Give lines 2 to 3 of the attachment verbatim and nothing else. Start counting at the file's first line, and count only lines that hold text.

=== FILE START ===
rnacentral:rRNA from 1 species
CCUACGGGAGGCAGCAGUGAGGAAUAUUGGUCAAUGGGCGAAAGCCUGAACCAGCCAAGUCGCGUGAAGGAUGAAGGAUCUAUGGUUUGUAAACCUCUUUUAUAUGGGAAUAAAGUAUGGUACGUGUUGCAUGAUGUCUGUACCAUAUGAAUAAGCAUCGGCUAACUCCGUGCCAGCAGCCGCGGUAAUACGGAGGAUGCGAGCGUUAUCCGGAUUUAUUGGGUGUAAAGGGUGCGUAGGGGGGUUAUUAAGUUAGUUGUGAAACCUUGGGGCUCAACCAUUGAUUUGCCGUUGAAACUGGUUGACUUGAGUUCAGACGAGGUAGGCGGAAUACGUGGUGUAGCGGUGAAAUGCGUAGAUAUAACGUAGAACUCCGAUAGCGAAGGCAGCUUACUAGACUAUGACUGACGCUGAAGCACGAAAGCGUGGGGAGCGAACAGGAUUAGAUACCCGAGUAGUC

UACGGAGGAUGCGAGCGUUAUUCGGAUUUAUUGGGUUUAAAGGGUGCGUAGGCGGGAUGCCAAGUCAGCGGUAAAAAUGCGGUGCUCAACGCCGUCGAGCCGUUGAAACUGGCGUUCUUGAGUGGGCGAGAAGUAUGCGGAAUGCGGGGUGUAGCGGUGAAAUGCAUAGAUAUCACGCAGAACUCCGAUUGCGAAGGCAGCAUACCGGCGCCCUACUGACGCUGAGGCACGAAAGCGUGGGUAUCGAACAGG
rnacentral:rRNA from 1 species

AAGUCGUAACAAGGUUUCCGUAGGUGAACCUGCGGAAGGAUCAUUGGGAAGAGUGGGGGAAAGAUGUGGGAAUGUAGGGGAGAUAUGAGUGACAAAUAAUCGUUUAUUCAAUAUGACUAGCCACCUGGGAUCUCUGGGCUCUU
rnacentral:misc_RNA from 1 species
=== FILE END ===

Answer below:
CCUACGGGAGGCAGCAGUGAGGAAUAUUGGUCAAUGGGCGAAAGCCUGAACCAGCCAAGUCGCGUGAAGGAUGAAGGAUCUAUGGUUUGUAAACCUCUUUUAUAUGGGAAUAAAGUAUGGUACGUGUUGCAUGAUGUCUGUACCAUAUGAAUAAGCAUCGGCUAACUCCGUGCCAGCAGCCGCGGUAAUACGGAGGAUGCGAGCGUUAUCCGGAUUUAUUGGGUGUAAAGGGUGCGUAGGGGGGUUAUUAAGUUAGUUGUGAAACCUUGGGGCUCAACCAUUGAUUUGCCGUUGAAACUGGUUGACUUGAGUUCAGACGAGGUAGGCGGAAUACGUGGUGUAGCGGUGAAAUGCGUAGAUAUAACGUAGAACUCCGAUAGCGAAGGCAGCUUACUAGACUAUGACUGACGCUGAAGCACGAAAGCGUGGGGAGCGAACAGGAUUAGAUACCCGAGUAGUC

UACGGAGGAUGCGAGCGUUAUUCGGAUUUAUUGGGUUUAAAGGGUGCGUAGGCGGGAUGCCAAGUCAGCGGUAAAAAUGCGGUGCUCAACGCCGUCGAGCCGUUGAAACUGGCGUUCUUGAGUGGGCGAGAAGUAUGCGGAAUGCGGGGUGUAGCGGUGAAAUGCAUAGAUAUCACGCAGAACUCCGAUUGCGAAGGCAGCAUACCGGCGCCCUACUGACGCUGAGGCACGAAAGCGUGGGUAUCGAACAGG